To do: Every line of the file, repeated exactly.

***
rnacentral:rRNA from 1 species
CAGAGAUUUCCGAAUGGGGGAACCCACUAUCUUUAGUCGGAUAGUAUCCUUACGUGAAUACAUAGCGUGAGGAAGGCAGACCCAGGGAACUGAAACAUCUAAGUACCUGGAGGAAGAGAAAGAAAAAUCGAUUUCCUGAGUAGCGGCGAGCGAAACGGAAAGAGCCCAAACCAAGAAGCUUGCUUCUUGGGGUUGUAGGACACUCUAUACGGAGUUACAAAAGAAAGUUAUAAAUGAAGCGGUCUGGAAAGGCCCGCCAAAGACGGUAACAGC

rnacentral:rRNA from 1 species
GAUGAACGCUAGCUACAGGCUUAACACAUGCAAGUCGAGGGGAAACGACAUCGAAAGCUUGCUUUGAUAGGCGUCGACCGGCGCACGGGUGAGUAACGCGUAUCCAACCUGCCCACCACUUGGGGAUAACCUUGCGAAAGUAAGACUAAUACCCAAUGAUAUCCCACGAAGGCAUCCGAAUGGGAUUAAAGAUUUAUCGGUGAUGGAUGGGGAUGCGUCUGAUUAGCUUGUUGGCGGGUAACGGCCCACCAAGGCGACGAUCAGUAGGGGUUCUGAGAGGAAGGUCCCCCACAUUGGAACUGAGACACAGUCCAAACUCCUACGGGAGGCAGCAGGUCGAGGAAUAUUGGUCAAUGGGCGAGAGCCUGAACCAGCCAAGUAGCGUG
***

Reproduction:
rnacentral:rRNA from 1 species
CAGAGAUUUCCGAAUGGGGGAACCCACUAUCUUUAGUCGGAUAGUAUCCUUACGUGAAUACAUAGCGUGAGGAAGGCAGACCCAGGGAACUGAAACAUCUAAGUACCUGGAGGAAGAGAAAGAAAAAUCGAUUUCCUGAGUAGCGGCGAGCGAAACGGAAAGAGCCCAAACCAAGAAGCUUGCUUCUUGGGGUUGUAGGACACUCUAUACGGAGUUACAAAAGAAAGUUAUAAAUGAAGCGGUCUGGAAAGGCCCGCCAAAGACGGUAACAGC

rnacentral:rRNA from 1 species
GAUGAACGCUAGCUACAGGCUUAACACAUGCAAGUCGAGGGGAAACGACAUCGAAAGCUUGCUUUGAUAGGCGUCGACCGGCGCACGGGUGAGUAACGCGUAUCCAACCUGCCCACCACUUGGGGAUAACCUUGCGAAAGUAAGACUAAUACCCAAUGAUAUCCCACGAAGGCAUCCGAAUGGGAUUAAAGAUUUAUCGGUGAUGGAUGGGGAUGCGUCUGAUUAGCUUGUUGGCGGGUAACGGCCCACCAAGGCGACGAUCAGUAGGGGUUCUGAGAGGAAGGUCCCCCACAUUGGAACUGAGACACAGUCCAAACUCCUACGGGAGGCAGCAGGUCGAGGAAUAUUGGUCAAUGGGCGAGAGCCUGAACCAGCCAAGUAGCGUG